Chapter 11 (ESV) - Now the leaders of the people lived in Jerusalem. And the rest of the people cast lots to bring one out of ten to live in Jerusalem the holy city, while nine out of ten remained in the other towns. And the people blessed all the men who willingly offered to live in Jerusalem.
These are the chiefs of the province who lived in Jerusalem; but in the towns of Judah everyone lived on his property in their towns: Israel, the priests, the Levites, the temple servants, and the descendants of Solomon's servants. And in Jerusalem lived certain of the sons of Judah and of the sons of Benjamin…
Question to consider: Up until this point, who had been living in the city?
When the people of Israel were first given permission by king Cyrus to come back to rebuild the city and temple, it was the leaders and nobles of Israel who were given the permission to come back. They settled there and when the surrounding nations convinced king Darius to stop the building project, there was a period in which the nobles continued to develop relationships with people of the surrounding nations and take wives from among them. They were perfectly content to enrich themselves while God’s house lay in ruins.
During this time, those who lived outside of the city, and those who worked on its construction and went into debt because they couldn't maintain their lands, afford their taxes and feed their families while working on the city, suffered greatly. Remember that those who carried out the decree from Darius to stop the project came with violence and set fires to what construction had been done. The end result created a vicious cycle where the priests allowed the nobles to oppress the less privileged with food stipends and predatory lending rates because the nobles contributed the money to sustain the priests and sacrifices. Because the rest of the people were being oppressed by the nobles, they didn’t give their tithes so the priests and Levites felt pressure to support the nobles. In the meantime, the nobles were lining their houses from the cedars of Lebanon while the temple of God lay in ruins.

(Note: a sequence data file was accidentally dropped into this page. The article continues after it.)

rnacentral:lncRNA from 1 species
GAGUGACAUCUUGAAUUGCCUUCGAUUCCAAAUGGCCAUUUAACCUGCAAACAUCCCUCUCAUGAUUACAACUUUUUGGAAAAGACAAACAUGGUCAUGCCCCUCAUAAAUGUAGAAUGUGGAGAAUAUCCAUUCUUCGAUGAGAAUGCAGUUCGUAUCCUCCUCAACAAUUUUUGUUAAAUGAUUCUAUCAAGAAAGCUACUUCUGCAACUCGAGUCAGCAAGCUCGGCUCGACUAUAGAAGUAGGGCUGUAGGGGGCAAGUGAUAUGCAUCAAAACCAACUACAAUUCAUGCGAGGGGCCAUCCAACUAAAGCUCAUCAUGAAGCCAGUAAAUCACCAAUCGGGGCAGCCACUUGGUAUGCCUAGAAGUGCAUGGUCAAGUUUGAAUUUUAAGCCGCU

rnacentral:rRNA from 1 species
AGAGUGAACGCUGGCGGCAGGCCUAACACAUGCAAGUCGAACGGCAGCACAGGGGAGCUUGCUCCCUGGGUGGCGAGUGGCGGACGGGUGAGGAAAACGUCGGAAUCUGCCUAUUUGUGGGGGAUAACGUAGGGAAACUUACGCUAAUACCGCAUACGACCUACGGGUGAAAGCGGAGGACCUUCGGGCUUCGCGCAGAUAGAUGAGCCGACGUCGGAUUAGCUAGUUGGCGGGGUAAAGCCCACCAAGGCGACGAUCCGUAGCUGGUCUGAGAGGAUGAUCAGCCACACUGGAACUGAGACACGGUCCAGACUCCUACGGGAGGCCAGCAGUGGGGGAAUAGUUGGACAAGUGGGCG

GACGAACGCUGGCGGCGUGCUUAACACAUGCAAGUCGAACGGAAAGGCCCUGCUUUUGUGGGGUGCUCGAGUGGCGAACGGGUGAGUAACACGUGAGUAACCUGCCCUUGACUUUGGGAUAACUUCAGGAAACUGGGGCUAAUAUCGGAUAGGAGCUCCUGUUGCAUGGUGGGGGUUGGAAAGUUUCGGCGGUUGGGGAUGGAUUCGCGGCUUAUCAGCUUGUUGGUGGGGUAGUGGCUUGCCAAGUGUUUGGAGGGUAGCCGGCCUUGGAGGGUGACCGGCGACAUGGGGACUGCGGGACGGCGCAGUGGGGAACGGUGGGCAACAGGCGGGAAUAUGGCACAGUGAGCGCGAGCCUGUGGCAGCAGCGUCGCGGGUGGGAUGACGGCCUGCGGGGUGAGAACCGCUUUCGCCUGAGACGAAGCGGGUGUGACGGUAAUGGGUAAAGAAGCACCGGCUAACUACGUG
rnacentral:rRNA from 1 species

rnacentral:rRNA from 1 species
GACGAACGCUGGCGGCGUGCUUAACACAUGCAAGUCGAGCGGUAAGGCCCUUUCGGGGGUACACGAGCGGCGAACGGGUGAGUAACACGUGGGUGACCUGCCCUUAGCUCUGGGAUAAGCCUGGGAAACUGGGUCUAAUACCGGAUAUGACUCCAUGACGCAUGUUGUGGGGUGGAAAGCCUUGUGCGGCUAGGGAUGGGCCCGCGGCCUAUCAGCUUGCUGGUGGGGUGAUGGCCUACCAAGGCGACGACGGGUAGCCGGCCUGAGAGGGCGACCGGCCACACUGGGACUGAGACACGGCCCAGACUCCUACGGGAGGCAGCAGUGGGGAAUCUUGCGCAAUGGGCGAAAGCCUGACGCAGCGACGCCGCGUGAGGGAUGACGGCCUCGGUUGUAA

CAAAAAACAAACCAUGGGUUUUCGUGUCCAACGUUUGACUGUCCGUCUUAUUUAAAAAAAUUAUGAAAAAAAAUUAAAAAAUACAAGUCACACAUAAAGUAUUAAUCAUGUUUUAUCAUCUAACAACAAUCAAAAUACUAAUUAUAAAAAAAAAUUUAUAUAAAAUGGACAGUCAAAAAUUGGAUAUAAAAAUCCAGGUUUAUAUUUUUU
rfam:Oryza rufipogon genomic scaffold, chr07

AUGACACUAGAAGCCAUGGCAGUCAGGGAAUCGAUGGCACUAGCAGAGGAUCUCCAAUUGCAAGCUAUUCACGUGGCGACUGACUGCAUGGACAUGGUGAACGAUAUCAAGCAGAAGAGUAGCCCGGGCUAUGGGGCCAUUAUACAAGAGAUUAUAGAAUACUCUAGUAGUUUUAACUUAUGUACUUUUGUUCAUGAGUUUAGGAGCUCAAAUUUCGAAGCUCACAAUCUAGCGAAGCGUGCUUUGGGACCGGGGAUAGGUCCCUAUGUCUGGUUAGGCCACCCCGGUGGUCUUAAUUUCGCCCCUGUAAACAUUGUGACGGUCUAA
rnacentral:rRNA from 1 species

The prophetic book of Malachi dealt with this issue. Malachi means ‘My messenger’, and was thought to have been written by Ezra or Mordecai. God promised the oppressed that they could test Him with their tithes, and He would rain blessings down upon them. He chastised the priests for accepting diseased sacrifices and favoring the nobles, and He chastised the nobles for putting their greed above everything else.
Through His word, God convicted the hearts of the people of Israel so that the city and temple were completed, the idolatrous wives were sent away, and the people repented of their sin and made a solemn oath to follow God’s Laws and take care of the ministry of the temple. Today’s chapter is mostly made up of a list of people not among the nobles who were able to move into the city.
About a tenth of those living outside of the city were chosen by lot to move within the city walls. Proverbs 16:33 says, “The lot is cast into the lap, but its every decision is from the Lord.” So while it may seem like the luck of the draw of a lottery, the people accepted that the selections were the will of God and blessed those who had been chosen.
While I don’t add lists of people into the daily readings, it is a blessing that these lists exist to corroborate that Nehemiah is a historical book.
Dear heavenly father, thank You for preserving Your word so that we can connect with people who lived more than 2000 years ago. May we be like them and be content with what You have given us and rejoice in the success of our neighbor. Amen.